German Expat Living in Spain - Interview with Ina

Published: 20 Jul at 9 AM
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Filed: Interviews,Spain
Ina is a German expat living in Barcelona, Spain. Over the last 15 years she has been living in numerous countries: it all started with a yearlong Erasmus exchange in Grenoble, France, which probably triggered her travel bug. She has been moving around as an expat ever since: between England, France, Germany, Australia, Ireland, Liechtenstein and now Spain. She loves to learn about different cultures and ways of life – she now speaks four languages at a fluent level. There is always something to learn from each mentality to enrich her life!

With the initial intent of using her blog as a personal work reference in Digital Marketing and Social Media (the Barcelona job market is tough!), Ina has created an inspiring resource for expats and long-term travellers, providing tips & tricks for expats as well as sharing travel experiences as an expat and traveller. Ina's expat blog is called iTravel4life (see listing here)

Barcelona beaches
Barcelona beaches

Here's the interview with Ina...

Where are you originally from?
Leipzig, Germany

In which country and city are you living now?
Barcelona, Spain

How long have you lived in Spain and how long are you planning to stay?
Been living here for a year and a half and so far I'm not planning to move anywhere else. It reminds me of Australia or Californian lifestyle - for now it's my favourite place to live in Europe.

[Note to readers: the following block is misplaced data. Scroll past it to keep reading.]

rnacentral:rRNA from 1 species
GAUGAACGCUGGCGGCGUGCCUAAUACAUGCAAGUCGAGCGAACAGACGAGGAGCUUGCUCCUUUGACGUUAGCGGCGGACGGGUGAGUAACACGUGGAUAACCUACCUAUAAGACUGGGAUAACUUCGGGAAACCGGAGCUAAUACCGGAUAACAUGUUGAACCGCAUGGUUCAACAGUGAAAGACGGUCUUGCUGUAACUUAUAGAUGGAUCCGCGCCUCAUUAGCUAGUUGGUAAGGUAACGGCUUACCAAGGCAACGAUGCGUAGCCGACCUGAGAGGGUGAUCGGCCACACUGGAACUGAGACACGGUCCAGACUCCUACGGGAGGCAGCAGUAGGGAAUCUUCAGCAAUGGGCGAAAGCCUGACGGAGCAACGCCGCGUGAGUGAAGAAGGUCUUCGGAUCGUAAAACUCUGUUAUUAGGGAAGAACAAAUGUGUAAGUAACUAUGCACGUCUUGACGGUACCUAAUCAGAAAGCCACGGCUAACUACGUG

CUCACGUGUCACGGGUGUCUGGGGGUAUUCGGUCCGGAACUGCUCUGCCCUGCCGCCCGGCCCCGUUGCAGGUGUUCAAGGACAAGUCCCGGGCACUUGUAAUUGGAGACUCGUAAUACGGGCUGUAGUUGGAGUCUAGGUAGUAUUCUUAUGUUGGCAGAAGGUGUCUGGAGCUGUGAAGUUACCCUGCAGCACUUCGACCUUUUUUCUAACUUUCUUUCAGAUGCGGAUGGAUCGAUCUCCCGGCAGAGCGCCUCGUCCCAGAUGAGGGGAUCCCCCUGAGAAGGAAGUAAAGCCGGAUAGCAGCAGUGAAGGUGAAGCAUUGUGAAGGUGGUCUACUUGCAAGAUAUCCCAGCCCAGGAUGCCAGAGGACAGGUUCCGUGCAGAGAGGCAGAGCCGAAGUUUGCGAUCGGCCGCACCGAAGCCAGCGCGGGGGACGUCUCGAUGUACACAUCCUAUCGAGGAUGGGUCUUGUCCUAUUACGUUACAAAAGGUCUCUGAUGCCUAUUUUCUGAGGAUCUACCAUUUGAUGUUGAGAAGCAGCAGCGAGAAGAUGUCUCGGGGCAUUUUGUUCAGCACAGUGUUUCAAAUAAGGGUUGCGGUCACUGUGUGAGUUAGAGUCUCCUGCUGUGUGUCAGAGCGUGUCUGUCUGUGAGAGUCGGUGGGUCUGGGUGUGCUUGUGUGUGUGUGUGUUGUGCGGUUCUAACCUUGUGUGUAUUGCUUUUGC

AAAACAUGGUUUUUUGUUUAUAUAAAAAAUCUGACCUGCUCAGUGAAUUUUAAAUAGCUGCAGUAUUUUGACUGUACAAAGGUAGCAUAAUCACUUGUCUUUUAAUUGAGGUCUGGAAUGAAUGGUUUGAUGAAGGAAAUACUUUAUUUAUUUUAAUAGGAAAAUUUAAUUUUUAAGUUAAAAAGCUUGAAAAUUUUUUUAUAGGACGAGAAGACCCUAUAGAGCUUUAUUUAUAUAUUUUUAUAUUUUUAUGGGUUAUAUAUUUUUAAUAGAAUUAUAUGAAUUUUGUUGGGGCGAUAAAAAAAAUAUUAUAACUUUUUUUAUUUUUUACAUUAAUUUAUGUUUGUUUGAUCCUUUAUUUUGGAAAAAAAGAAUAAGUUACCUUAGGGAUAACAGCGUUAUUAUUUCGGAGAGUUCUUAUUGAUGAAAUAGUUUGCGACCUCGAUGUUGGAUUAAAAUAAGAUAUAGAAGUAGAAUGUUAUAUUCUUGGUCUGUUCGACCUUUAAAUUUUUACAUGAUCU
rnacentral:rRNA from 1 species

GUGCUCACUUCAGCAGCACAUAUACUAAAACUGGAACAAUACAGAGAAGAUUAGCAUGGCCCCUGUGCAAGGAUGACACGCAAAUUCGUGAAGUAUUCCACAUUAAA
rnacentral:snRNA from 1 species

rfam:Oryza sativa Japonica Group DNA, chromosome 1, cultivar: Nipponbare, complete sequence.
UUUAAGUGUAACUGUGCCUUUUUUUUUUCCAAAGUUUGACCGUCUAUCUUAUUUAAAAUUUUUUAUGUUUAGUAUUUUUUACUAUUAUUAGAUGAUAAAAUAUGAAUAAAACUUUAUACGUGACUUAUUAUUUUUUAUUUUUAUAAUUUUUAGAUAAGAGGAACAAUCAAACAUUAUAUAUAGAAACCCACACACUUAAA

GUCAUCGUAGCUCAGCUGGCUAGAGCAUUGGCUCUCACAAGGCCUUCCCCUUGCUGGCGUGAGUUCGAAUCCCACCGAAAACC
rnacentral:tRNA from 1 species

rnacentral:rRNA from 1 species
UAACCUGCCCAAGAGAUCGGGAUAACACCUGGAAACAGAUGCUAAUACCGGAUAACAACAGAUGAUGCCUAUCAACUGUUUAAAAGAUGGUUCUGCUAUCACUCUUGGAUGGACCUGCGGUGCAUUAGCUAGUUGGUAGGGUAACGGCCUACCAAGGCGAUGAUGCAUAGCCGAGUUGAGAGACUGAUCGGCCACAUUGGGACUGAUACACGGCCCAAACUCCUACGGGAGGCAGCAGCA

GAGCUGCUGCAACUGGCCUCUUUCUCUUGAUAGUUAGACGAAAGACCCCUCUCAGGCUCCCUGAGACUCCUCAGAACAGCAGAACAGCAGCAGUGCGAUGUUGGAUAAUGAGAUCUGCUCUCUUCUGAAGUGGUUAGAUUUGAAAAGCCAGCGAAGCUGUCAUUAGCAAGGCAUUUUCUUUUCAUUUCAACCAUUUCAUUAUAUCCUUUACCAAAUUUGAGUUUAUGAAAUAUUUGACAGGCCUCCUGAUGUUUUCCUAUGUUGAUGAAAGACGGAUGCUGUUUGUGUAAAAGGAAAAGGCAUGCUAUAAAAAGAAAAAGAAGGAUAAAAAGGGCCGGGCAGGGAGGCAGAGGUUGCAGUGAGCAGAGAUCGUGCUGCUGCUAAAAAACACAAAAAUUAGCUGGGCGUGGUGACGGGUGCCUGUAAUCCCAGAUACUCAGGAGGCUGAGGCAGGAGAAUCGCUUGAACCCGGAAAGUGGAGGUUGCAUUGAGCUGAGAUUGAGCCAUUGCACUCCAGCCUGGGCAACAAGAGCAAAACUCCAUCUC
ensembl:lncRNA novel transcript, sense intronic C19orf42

Costa Brava
Costa Brava
Why did you move to Spain and what do you do?
I followed my expat boyfriend who has his startup company here. I aquired new skills and am now working in Digital Marketing, using all my language skills.

Did you bring family with you?
No, never did.

How did you find the transition to living in a foreign country?
Don't we forget each time what it's really like? I always think, yes it will be hard (done this before!) but so much more thrilling and interesting. Of course I was reminded of its hardships: for example when I could't say what I thought due to limited vocabulary. To a certain extent language is identity. It made me feel like a child not being able to express myself or to properly present a work project in Spanish. Read about it in my blog ;)

Was it easy making friends and meeting people; do you mainly socialise with other expats?
Barcelona has a very active social life with almost too much on offer. It's so easy to meet people! The challenge is to see them again and to make true friends. Most people use here. I met people through Meetup, my language classes, work or by doing language exchanges.
I probably socialise more with other expats, but also some Catalans.

What are the best things to do in the area; anything to recommend to future expats?
I love the tapas culture. I'd recommend avoiding the touristy areas and to enjoy being close to several National Parks, Costa Brava and of course the sea.
Also, Barcelona is awesome for any type of skating.

What do you enjoy most about living in Spain?
Awesome weather! We have the sea, the mountains, a great offer on cultural events. And it's not too big so you can cycle almost everywhere.

How does the cost of living in Spain compare to home?
It's definitely cheaper, however salaries are much lower as well. Income tax is considerably lower than Germany and France. I'd say the relation between income and living cost is better here than it was for me in the UK and France, and maybe worse than in Germany, if that makes sense.

Waiheke Island
Waiheke Island
What negatives, if any, are there to living in Spain?
Too many tourists!

If you could pick one piece of advice to anyone moving to Spain, what would it be?